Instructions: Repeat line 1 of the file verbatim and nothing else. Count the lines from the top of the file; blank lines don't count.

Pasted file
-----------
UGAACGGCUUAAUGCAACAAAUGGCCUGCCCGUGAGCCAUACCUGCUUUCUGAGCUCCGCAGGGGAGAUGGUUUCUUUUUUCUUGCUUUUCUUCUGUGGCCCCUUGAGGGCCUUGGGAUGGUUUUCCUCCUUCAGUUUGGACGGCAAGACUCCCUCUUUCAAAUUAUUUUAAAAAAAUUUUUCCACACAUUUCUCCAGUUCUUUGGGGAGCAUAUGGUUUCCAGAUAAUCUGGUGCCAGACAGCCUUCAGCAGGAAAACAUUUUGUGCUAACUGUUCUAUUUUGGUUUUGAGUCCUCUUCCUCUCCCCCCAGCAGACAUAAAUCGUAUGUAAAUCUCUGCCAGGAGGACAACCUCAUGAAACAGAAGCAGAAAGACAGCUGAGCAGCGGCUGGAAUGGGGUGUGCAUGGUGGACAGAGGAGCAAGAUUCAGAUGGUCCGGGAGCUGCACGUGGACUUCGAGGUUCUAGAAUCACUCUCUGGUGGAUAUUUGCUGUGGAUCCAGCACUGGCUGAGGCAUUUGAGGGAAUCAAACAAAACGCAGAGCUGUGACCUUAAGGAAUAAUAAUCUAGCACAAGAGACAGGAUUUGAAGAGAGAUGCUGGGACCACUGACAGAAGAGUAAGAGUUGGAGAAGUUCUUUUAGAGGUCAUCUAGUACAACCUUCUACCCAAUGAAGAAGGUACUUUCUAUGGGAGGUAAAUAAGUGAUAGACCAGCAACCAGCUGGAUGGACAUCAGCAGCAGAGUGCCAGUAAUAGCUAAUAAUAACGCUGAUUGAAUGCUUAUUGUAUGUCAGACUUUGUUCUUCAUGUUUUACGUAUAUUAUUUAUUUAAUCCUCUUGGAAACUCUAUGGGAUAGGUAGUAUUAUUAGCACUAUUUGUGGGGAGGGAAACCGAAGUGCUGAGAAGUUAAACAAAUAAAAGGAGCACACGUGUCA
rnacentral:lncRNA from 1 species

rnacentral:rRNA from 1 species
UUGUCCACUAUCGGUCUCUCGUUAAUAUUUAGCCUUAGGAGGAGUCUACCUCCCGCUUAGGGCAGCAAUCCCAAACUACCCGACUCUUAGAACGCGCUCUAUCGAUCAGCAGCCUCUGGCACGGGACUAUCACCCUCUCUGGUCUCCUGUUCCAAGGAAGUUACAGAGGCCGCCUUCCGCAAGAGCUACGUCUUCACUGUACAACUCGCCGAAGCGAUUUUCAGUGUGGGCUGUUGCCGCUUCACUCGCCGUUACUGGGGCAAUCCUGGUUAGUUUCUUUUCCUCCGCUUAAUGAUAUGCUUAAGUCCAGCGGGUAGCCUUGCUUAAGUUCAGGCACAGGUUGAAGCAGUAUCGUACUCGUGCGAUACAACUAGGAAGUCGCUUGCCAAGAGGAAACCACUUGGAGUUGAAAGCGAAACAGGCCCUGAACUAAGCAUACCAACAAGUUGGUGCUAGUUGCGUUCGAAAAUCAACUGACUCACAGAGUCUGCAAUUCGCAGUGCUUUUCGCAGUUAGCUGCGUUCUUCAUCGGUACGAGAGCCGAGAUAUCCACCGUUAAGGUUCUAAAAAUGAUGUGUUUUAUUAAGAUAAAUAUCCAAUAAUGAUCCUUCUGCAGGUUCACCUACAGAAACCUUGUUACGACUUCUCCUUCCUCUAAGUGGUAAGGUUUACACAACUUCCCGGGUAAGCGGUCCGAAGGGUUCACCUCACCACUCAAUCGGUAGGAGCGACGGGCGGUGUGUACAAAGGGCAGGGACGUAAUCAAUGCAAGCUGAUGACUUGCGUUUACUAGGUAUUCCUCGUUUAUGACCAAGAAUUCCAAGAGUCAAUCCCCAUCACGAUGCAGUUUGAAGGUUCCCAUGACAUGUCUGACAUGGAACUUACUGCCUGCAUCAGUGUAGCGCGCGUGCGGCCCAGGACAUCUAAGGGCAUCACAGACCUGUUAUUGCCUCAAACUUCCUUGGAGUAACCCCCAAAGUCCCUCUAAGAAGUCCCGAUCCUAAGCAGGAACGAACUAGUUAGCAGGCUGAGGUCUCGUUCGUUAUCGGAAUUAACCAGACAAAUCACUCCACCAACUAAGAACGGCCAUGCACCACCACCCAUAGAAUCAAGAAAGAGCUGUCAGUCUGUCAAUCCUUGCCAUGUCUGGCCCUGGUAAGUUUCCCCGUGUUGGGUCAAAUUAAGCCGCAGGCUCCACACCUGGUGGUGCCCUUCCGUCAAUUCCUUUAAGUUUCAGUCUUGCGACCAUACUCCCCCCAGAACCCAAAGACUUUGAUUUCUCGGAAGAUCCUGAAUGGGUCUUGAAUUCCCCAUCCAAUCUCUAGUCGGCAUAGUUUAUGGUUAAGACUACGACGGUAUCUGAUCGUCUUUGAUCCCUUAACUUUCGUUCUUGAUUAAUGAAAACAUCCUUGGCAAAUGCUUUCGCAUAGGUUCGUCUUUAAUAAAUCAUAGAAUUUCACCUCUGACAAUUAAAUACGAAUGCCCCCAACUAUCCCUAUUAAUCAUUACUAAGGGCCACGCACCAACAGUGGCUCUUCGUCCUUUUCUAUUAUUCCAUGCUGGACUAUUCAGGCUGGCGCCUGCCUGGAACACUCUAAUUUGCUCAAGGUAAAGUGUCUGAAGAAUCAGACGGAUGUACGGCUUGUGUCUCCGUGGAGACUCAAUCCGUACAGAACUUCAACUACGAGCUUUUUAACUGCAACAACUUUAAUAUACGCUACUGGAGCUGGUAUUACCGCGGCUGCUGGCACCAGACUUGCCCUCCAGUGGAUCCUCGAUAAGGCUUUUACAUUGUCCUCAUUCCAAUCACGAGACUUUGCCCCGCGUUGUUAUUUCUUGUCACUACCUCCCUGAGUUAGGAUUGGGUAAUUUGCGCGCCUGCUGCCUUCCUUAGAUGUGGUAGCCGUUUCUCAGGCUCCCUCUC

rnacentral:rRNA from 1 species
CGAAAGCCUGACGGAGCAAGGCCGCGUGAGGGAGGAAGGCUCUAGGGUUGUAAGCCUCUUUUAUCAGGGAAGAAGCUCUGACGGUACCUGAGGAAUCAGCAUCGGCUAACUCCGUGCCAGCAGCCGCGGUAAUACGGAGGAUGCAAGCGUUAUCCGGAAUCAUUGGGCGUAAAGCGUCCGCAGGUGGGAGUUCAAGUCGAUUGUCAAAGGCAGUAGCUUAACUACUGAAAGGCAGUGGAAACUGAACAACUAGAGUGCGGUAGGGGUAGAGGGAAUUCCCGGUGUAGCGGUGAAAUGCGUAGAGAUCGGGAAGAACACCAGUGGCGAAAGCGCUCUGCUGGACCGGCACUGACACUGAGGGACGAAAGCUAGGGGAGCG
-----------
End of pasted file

UGAACGGCUUAAUGCAACAAAUGGCCUGCCCGUGAGCCAUACCUGCUUUCUGAGCUCCGCAGGGGAGAUGGUUUCUUUUUUCUUGCUUUUCUUCUGUGGCCCCUUGAGGGCCUUGGGAUGGUUUUCCUCCUUCAGUUUGGACGGCAAGACUCCCUCUUUCAAAUUAUUUUAAAAAAAUUUUUCCACACAUUUCUCCAGUUCUUUGGGGAGCAUAUGGUUUCCAGAUAAUCUGGUGCCAGACAGCCUUCAGCAGGAAAACAUUUUGUGCUAACUGUUCUAUUUUGGUUUUGAGUCCUCUUCCUCUCCCCCCAGCAGACAUAAAUCGUAUGUAAAUCUCUGCCAGGAGGACAACCUCAUGAAACAGAAGCAGAAAGACAGCUGAGCAGCGGCUGGAAUGGGGUGUGCAUGGUGGACAGAGGAGCAAGAUUCAGAUGGUCCGGGAGCUGCACGUGGACUUCGAGGUUCUAGAAUCACUCUCUGGUGGAUAUUUGCUGUGGAUCCAGCACUGGCUGAGGCAUUUGAGGGAAUCAAACAAAACGCAGAGCUGUGACCUUAAGGAAUAAUAAUCUAGCACAAGAGACAGGAUUUGAAGAGAGAUGCUGGGACCACUGACAGAAGAGUAAGAGUUGGAGAAGUUCUUUUAGAGGUCAUCUAGUACAACCUUCUACCCAAUGAAGAAGGUACUUUCUAUGGGAGGUAAAUAAGUGAUAGACCAGCAACCAGCUGGAUGGACAUCAGCAGCAGAGUGCCAGUAAUAGCUAAUAAUAACGCUGAUUGAAUGCUUAUUGUAUGUCAGACUUUGUUCUUCAUGUUUUACGUAUAUUAUUUAUUUAAUCCUCUUGGAAACUCUAUGGGAUAGGUAGUAUUAUUAGCACUAUUUGUGGGGAGGGAAACCGAAGUGCUGAGAAGUUAAACAAAUAAAAGGAGCACACGUGUCA